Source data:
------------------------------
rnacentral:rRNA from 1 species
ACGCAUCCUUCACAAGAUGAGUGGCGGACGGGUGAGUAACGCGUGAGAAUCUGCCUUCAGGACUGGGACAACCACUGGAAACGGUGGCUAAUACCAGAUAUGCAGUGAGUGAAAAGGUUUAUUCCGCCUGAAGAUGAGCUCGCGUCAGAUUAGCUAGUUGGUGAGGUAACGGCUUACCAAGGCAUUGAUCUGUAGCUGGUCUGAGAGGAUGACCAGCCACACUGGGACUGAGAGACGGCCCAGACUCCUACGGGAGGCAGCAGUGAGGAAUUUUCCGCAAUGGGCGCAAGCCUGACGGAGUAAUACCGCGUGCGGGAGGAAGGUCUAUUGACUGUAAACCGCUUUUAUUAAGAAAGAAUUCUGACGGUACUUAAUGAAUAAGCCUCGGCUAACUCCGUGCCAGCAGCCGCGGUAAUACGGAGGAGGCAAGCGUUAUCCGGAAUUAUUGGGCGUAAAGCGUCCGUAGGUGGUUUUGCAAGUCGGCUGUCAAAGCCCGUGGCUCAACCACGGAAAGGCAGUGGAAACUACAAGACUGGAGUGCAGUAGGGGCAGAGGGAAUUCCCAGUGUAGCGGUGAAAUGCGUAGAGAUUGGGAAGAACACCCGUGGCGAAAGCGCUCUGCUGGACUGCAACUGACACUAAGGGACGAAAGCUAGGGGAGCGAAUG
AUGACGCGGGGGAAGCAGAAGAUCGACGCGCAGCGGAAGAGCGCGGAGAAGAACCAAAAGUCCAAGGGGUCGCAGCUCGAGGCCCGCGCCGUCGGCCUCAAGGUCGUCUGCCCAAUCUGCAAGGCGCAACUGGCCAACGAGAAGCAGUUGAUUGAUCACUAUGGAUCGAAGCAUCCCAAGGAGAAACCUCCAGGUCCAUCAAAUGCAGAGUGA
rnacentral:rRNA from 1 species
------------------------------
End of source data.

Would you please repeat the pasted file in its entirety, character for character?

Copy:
rnacentral:rRNA from 1 species
ACGCAUCCUUCACAAGAUGAGUGGCGGACGGGUGAGUAACGCGUGAGAAUCUGCCUUCAGGACUGGGACAACCACUGGAAACGGUGGCUAAUACCAGAUAUGCAGUGAGUGAAAAGGUUUAUUCCGCCUGAAGAUGAGCUCGCGUCAGAUUAGCUAGUUGGUGAGGUAACGGCUUACCAAGGCAUUGAUCUGUAGCUGGUCUGAGAGGAUGACCAGCCACACUGGGACUGAGAGACGGCCCAGACUCCUACGGGAGGCAGCAGUGAGGAAUUUUCCGCAAUGGGCGCAAGCCUGACGGAGUAAUACCGCGUGCGGGAGGAAGGUCUAUUGACUGUAAACCGCUUUUAUUAAGAAAGAAUUCUGACGGUACUUAAUGAAUAAGCCUCGGCUAACUCCGUGCCAGCAGCCGCGGUAAUACGGAGGAGGCAAGCGUUAUCCGGAAUUAUUGGGCGUAAAGCGUCCGUAGGUGGUUUUGCAAGUCGGCUGUCAAAGCCCGUGGCUCAACCACGGAAAGGCAGUGGAAACUACAAGACUGGAGUGCAGUAGGGGCAGAGGGAAUUCCCAGUGUAGCGGUGAAAUGCGUAGAGAUUGGGAAGAACACCCGUGGCGAAAGCGCUCUGCUGGACUGCAACUGACACUAAGGGACGAAAGCUAGGGGAGCGAAUG
AUGACGCGGGGGAAGCAGAAGAUCGACGCGCAGCGGAAGAGCGCGGAGAAGAACCAAAAGUCCAAGGGGUCGCAGCUCGAGGCCCGCGCCGUCGGCCUCAAGGUCGUCUGCCCAAUCUGCAAGGCGCAACUGGCCAACGAGAAGCAGUUGAUUGAUCACUAUGGAUCGAAGCAUCCCAAGGAGAAACCUCCAGGUCCAUCAAAUGCAGAGUGA
rnacentral:rRNA from 1 species